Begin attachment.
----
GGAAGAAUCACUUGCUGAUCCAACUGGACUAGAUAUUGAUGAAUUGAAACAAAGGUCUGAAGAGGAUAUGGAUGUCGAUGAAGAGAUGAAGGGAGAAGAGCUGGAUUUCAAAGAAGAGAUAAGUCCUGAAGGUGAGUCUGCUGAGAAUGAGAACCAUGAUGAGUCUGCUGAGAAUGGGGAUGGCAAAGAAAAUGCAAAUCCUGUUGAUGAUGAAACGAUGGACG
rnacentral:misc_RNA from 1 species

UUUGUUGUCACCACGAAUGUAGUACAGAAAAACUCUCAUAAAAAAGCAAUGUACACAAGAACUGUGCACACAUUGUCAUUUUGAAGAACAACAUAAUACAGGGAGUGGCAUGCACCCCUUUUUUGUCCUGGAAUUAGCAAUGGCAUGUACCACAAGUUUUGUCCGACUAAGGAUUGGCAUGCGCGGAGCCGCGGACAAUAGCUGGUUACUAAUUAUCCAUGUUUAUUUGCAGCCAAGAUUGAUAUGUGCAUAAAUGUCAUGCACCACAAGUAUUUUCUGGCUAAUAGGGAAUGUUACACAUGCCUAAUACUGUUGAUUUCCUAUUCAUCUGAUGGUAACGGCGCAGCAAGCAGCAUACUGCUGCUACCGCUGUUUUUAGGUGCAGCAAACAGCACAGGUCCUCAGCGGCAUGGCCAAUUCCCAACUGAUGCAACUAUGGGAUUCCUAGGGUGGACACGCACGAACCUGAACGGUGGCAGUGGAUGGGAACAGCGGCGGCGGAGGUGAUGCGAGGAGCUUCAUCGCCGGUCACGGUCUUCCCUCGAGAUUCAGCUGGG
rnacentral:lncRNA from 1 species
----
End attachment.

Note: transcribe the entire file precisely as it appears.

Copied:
GGAAGAAUCACUUGCUGAUCCAACUGGACUAGAUAUUGAUGAAUUGAAACAAAGGUCUGAAGAGGAUAUGGAUGUCGAUGAAGAGAUGAAGGGAGAAGAGCUGGAUUUCAAAGAAGAGAUAAGUCCUGAAGGUGAGUCUGCUGAGAAUGAGAACCAUGAUGAGUCUGCUGAGAAUGGGGAUGGCAAAGAAAAUGCAAAUCCUGUUGAUGAUGAAACGAUGGACG
rnacentral:misc_RNA from 1 species

UUUGUUGUCACCACGAAUGUAGUACAGAAAAACUCUCAUAAAAAAGCAAUGUACACAAGAACUGUGCACACAUUGUCAUUUUGAAGAACAACAUAAUACAGGGAGUGGCAUGCACCCCUUUUUUGUCCUGGAAUUAGCAAUGGCAUGUACCACAAGUUUUGUCCGACUAAGGAUUGGCAUGCGCGGAGCCGCGGACAAUAGCUGGUUACUAAUUAUCCAUGUUUAUUUGCAGCCAAGAUUGAUAUGUGCAUAAAUGUCAUGCACCACAAGUAUUUUCUGGCUAAUAGGGAAUGUUACACAUGCCUAAUACUGUUGAUUUCCUAUUCAUCUGAUGGUAACGGCGCAGCAAGCAGCAUACUGCUGCUACCGCUGUUUUUAGGUGCAGCAAACAGCACAGGUCCUCAGCGGCAUGGCCAAUUCCCAACUGAUGCAACUAUGGGAUUCCUAGGGUGGACACGCACGAACCUGAACGGUGGCAGUGGAUGGGAACAGCGGCGGCGGAGGUGAUGCGAGGAGCUUCAUCGCCGGUCACGGUCUUCCCUCGAGAUUCAGCUGGG
rnacentral:lncRNA from 1 species